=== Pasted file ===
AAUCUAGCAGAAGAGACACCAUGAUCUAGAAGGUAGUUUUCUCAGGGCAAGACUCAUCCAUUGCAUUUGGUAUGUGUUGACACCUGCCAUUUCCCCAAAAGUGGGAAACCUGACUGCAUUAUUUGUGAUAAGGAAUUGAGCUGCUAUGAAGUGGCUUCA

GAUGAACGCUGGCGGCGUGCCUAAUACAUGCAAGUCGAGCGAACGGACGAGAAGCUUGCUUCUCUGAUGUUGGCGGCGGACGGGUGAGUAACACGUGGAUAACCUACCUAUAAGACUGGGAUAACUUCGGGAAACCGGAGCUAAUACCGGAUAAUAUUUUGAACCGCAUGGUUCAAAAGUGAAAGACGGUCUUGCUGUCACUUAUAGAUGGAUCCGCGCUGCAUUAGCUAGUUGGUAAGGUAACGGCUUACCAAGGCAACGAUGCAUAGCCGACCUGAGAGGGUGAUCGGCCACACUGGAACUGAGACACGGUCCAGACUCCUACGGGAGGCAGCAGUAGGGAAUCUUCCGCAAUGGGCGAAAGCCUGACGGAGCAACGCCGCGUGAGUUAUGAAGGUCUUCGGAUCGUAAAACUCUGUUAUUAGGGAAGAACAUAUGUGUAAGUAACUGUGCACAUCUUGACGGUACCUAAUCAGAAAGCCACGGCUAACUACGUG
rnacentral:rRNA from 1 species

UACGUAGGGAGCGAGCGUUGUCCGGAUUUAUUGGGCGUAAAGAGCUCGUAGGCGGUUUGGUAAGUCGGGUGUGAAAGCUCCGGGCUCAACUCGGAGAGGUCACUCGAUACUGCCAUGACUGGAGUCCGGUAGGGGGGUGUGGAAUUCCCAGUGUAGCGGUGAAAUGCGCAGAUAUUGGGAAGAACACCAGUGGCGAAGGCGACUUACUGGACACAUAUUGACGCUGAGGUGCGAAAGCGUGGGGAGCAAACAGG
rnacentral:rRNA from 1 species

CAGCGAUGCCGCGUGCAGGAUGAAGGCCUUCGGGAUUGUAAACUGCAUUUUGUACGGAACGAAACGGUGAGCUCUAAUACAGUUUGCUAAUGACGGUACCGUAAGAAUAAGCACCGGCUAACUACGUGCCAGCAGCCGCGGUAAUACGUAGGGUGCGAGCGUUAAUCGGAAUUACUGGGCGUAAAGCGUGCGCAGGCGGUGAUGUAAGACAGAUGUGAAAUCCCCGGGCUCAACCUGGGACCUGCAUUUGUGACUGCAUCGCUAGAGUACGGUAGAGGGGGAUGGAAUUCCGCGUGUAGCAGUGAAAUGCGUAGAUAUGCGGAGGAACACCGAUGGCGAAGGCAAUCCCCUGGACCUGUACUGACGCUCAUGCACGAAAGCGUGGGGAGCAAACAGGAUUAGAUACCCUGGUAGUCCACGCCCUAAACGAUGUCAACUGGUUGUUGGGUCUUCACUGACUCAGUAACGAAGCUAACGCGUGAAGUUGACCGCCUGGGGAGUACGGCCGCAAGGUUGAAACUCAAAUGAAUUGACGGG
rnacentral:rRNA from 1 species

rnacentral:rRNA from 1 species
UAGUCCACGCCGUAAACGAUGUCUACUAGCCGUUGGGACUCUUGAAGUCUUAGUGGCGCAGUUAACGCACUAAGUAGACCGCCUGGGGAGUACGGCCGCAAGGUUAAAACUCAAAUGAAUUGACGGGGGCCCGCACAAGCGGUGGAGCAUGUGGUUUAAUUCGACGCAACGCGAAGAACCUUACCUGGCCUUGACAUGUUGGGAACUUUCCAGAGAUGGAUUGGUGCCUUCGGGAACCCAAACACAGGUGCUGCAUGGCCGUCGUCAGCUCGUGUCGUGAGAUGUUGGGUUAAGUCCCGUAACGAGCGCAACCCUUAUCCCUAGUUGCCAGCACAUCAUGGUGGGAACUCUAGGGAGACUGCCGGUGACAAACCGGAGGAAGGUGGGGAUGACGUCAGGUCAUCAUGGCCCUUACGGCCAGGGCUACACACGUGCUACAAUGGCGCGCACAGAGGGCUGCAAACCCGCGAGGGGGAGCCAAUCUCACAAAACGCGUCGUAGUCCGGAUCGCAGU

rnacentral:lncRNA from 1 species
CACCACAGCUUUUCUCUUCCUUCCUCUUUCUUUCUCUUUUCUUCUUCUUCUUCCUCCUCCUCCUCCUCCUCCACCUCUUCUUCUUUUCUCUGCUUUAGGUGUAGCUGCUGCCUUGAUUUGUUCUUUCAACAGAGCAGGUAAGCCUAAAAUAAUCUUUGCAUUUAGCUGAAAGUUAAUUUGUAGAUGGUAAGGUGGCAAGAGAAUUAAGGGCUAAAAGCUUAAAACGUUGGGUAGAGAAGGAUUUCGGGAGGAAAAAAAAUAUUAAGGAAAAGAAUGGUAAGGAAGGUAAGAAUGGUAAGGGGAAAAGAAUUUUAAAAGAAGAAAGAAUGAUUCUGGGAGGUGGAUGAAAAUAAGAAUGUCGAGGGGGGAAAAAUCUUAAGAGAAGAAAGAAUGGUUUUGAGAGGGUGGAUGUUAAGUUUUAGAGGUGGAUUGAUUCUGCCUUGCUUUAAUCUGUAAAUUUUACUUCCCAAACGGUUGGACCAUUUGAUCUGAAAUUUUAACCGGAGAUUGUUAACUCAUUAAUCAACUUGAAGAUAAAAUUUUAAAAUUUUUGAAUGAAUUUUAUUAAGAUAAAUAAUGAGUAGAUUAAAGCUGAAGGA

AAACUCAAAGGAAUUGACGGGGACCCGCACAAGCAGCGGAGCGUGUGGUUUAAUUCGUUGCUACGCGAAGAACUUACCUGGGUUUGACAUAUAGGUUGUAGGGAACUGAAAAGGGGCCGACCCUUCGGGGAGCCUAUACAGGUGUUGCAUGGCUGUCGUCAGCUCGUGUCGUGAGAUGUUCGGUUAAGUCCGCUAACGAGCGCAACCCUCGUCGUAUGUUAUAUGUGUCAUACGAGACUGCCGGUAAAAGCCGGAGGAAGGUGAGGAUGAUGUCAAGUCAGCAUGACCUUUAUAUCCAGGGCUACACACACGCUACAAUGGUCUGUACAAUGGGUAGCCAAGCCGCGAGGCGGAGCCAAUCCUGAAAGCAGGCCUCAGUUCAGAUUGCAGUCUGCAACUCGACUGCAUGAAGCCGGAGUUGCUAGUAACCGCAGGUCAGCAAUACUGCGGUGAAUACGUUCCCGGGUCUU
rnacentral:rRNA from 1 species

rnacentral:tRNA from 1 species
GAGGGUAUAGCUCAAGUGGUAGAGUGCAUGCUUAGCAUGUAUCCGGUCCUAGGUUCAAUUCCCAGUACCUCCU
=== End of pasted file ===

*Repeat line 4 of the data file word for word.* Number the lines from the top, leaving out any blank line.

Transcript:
UACGUAGGGAGCGAGCGUUGUCCGGAUUUAUUGGGCGUAAAGAGCUCGUAGGCGGUUUGGUAAGUCGGGUGUGAAAGCUCCGGGCUCAACUCGGAGAGGUCACUCGAUACUGCCAUGACUGGAGUCCGGUAGGGGGGUGUGGAAUUCCCAGUGUAGCGGUGAAAUGCGCAGAUAUUGGGAAGAACACCAGUGGCGAAGGCGACUUACUGGACACAUAUUGACGCUGAGGUGCGAAAGCGUGGGGAGCAAACAGG